• Difficulty: Easy
  • Time to Complete: 15 - 30 mins
  • Tools Required: Screw drivers
  • 11 of 11 people found this instruction helpful
Very easy repair. Just needed to remove some screws to access the heating element area. The fuses are (1) just above the elements and (2) to the right side of them (if facing from the front). Alittle loosening with a philips screwdriver, removing blown fuses, replace with new fuses, tighten new fuses in place, replace outer screws and job done. Also made sure to fully clean lint collection area. I had a good amount stuck in there and it restricted air flow which caused the fuses to blow. It took 6 years worth of drying to make it happen.

dryer was making a thump sound when drying clothes or when it came to a stop

  • Customer: andrea from west reading, PA
  • Difficulty: A Bit Difficult
  • Time to Complete: 1- 2 hours
  • Tools Required: Screw drivers
  • 11 of 13 people found this instruction helpful
My husband and I used a screwdriver to pry open the top of the dryer, then unscrewed the two front corners of it from the inside. Next, we disconnected wires attached to front lid, then pulled the big barrel of the dryer away from the rest of it. We put a new drum roller wheel on the left side and greased the inside perimeter of it. Next, we took off the old cushion set, and stuck on the newer set, and greased drum glide as well. Lastly, we took off the "old" belt, and replaced it with the one we purchased from PartSelect. We forgot how the old one came off the pulley, but after much trial and error, we figured it out in a snap! (this is why this project took us longer than we expected)
In conclusion, this company for parts is wonderful and I have been referring them to all of my friends!

The Dryer would not get hot.

  • Customer: Jerry from Bradenton, FL
  • Difficulty: Really Easy
  • Time to Complete: Less than 15 mins
  • Tools Required: Nutdriver
  • 12 of 9 people found this instruction helpful
I removed the two screws holding the access panel, and removed the access panel. Then removed the lower air duct. I then checked the burner, The solenoid was not opeing the valve for the gas. I order the coils, in two day I had the coils and installed them. The dryer is working great.

Burner would not go on on my Stack Set Dryer

  • Customer: Robert from North East, PA
  • Difficulty: Really Easy
  • Time to Complete: Less than 15 mins
  • Tools Required: Screw drivers
  • 12 of 10 people found this instruction helpful
Took out two front Panel screws and removed the panel. Removed Gas solenoid coil holding bracket by removing two phillips head screws. Disconnected the coil leads. and removed the coils. Connected the new coils to the leads and set in place. Replaced the holding bracket and the two screws. Replaced the front cover and the two front cover screws. Piece of Cake!

Dryer stopped working in the middle of a cycle

  • Customer: justin from navarre, FL
  • Difficulty: Easy
  • Time to Complete: 15 - 30 mins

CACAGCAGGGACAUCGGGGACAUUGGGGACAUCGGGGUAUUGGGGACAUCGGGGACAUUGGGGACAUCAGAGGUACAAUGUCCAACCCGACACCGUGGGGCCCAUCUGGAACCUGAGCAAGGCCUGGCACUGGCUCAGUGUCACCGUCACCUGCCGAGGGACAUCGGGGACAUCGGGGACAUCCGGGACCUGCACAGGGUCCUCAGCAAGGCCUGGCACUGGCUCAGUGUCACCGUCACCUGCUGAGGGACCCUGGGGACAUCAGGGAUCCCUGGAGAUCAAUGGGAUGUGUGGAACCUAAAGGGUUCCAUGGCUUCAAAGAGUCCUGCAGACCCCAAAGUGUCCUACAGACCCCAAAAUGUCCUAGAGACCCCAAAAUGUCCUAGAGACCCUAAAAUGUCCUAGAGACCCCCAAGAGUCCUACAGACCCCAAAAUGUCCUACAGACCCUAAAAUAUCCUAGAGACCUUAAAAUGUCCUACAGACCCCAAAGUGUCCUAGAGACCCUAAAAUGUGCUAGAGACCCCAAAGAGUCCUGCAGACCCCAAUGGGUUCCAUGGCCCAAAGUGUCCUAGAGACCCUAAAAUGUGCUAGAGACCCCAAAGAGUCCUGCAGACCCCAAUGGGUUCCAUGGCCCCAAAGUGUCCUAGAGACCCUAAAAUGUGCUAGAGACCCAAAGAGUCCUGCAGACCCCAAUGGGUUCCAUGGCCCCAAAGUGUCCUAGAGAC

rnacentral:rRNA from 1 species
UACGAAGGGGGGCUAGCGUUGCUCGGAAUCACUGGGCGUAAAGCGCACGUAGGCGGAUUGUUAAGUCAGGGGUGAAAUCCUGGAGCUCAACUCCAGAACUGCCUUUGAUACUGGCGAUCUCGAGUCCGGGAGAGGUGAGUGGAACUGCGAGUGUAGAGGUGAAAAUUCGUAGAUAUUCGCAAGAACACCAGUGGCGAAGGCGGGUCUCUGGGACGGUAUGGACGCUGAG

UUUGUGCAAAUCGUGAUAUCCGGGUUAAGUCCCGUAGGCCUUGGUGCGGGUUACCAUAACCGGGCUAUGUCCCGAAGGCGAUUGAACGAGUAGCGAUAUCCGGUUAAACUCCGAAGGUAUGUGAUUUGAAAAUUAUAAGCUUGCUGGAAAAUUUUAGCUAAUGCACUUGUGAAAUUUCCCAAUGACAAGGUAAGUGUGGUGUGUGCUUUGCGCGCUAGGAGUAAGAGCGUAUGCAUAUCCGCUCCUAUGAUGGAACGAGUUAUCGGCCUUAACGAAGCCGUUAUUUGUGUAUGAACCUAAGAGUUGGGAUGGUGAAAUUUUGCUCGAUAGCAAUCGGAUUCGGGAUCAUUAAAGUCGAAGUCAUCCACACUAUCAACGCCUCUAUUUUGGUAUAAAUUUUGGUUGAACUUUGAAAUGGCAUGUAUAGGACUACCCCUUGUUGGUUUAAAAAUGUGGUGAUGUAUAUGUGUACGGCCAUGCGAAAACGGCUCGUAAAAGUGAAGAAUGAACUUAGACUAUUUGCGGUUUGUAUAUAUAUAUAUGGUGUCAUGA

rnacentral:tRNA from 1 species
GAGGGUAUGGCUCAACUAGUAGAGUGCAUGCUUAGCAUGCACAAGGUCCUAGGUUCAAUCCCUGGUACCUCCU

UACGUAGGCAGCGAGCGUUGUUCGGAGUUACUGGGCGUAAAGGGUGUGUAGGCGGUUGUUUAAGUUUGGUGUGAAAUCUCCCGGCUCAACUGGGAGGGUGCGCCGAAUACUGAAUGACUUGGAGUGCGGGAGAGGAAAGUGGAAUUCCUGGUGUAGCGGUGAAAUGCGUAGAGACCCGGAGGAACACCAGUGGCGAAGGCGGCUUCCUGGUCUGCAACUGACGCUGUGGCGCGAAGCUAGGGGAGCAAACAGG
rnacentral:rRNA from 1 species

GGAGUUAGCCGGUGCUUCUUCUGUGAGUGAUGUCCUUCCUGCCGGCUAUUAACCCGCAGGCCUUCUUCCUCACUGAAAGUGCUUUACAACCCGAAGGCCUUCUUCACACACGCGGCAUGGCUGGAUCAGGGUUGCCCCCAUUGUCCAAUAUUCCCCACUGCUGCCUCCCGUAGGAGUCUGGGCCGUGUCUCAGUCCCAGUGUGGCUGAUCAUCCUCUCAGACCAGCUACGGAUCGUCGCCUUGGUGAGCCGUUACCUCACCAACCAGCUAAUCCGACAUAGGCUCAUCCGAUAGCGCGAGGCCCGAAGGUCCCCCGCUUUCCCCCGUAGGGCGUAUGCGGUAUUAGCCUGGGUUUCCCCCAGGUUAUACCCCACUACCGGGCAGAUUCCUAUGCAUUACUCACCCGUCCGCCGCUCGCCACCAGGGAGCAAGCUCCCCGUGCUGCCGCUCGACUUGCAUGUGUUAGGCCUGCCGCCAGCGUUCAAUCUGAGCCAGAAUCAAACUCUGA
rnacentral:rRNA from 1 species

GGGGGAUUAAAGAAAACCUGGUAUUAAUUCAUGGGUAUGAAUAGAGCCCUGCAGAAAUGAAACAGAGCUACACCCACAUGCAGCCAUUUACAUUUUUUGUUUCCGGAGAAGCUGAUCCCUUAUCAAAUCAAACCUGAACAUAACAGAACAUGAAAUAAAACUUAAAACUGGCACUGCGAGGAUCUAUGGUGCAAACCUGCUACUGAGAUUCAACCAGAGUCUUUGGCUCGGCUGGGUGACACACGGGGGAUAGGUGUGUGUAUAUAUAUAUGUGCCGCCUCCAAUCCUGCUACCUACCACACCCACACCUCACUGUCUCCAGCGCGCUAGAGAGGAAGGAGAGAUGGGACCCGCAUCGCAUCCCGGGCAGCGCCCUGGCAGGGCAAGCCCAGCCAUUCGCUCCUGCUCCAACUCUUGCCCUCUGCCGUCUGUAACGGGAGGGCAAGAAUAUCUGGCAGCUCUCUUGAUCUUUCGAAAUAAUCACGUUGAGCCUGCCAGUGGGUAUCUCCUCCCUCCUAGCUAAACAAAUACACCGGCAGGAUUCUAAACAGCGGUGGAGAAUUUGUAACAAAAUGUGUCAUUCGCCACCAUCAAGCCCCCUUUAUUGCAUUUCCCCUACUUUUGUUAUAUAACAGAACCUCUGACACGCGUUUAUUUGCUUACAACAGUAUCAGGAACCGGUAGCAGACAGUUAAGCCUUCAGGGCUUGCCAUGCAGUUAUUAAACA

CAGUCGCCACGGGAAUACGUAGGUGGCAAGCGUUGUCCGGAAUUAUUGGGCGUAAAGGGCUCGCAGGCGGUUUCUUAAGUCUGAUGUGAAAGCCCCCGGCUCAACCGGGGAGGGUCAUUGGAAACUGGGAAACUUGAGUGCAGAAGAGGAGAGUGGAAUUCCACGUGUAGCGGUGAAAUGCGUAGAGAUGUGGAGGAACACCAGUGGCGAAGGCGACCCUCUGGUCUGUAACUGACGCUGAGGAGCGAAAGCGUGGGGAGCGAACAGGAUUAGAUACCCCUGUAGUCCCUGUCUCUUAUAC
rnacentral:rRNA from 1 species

• Tools Required: Nutdriver, Pliers, Screw drivers
  • 8 of 8 people found this instruction helpful
First off, the parts were exactly what I needed and arrived at my front door in less than 48 hours.
The repair was quite easy. 1. access the "guts" by popping the two clipps and open top panel like a car hood.2. remove the high temp doohickie with a nut driver, one screw, two wires.3. Remove the heating element from its mount. 4. remove the high temp fuse doohickie, By popping off its wires and little retaining bracket. 5. do steps (in this order) 5-1 replacing new parts. 6. spend three hours looking for the dryer brush, you know you have somewhere, to clean 5 years of accumulated lint out of the lint trap.7. drive to Ace, by dryer brush. 8. (most important step) clean the lint trap, or be forced to repeat steps 1-5. 9. Pop a cold one and relish the peace and quiet, devoid of spousal nagging to fix the damn dryer. 10. Take down clothesline in backyard.

Loud screeching metal to metal sound. The roller and "axle" were worn out.

  • Customer: JEan from Cypress, TX
  • Difficulty: Easy
  • Time to Complete: 30 - 60 mins
  • Tools Required: Nutdriver, Screw drivers, Socket set
  • 8 of 9 people found this instruction helpful
First I disconnected the power cord. Next the top of the dryer was easily popped upen with a screw driver by inserting it between the top panel and the front door panel. I removed the two sheet metal screws that held the door panel on the upper right and left sides. The door panel was easily lifted up and out and set it to the side (the door switch can stay connected, the wire is long enough). d I pulled the drum out from off of the rollers that hold the drum in place. No need to remove the belt, it stays in place. I reached through the drum and removed the two hex-head screws that held the roller in place ( I only replaced the left one) and added the new one. I pushed the drum back in place over the rollers (it snaps in place). I propped the drum up with a short screw driver to raise it off of the right and left drum glides (on the bottom). I replaced the felt pads and the plastic glides and set the drum back in place. I also replaced the felt ring (seal) that circles the door opening that the drum also glides on. I glued it in place in spots (with gasket glue). It folds back over itself and forms a double thick pad. You will see what I mean when you see how the old one looks. I replaced the front door panel and snapped the top panel back in place. I let the dryer set over night so the glue would set up. I turned it on the next morning and it is as quiet now as when it was new. Oh ...Jay (the husband) did the work not Jean the wife (her dryer, her credit card)